The International Generics Pharmaceutical Alliance (IGBA), an international network of generic medicines associations, released a report that maps the varying levels of uptake of generics medicine, and the resulting value of its share across the entire pharmaceutical market.
As can be seen in the map below, the US actually has the greatest generics penetration by volume, at 90%, but this accounts for only 22% of the overall value of the market – one of the lowest levels across the countries studied.
At the opposite end of the spectrum is South Africa, which has one of the lowest levels of volume, 69.6%, but the overall value of the generics market is close to half, at 47.5%.
Improving generic entry
To encourage the further entry of generics onto the global market, IGBA released an additional report, which looked at how the global regulatory system could facilitate this through a harmonized approach.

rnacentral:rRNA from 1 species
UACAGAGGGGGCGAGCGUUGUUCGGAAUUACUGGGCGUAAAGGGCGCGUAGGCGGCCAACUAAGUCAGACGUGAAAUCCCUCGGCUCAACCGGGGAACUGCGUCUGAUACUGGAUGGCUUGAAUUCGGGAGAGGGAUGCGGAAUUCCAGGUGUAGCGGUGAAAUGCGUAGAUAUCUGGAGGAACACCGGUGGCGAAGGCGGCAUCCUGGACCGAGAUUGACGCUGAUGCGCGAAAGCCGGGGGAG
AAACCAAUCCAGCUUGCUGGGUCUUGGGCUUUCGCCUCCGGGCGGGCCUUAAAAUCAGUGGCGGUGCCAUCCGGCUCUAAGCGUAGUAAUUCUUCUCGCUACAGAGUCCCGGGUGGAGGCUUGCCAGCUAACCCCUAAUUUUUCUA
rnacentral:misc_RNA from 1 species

The report notes that many countries have developed their own regulatory good manufacturing practice (GMP) standards, which necessitates multiple countries carrying out inspections at the same company – often duplicating results.
IGBA noted that such repeated inspections are of ‘significant concern’ for the manufacturers of active pharmaceutical ingredients (APIs) and finished products. This is due to the high costs for the companies and occasionally diverging regulatory opinion.
As a result, the organization is calling for greater global harmonization through the development of mutual recognition agreements, such as that recently agreed between the US Food and Drug Administration and the European Medicines Agency.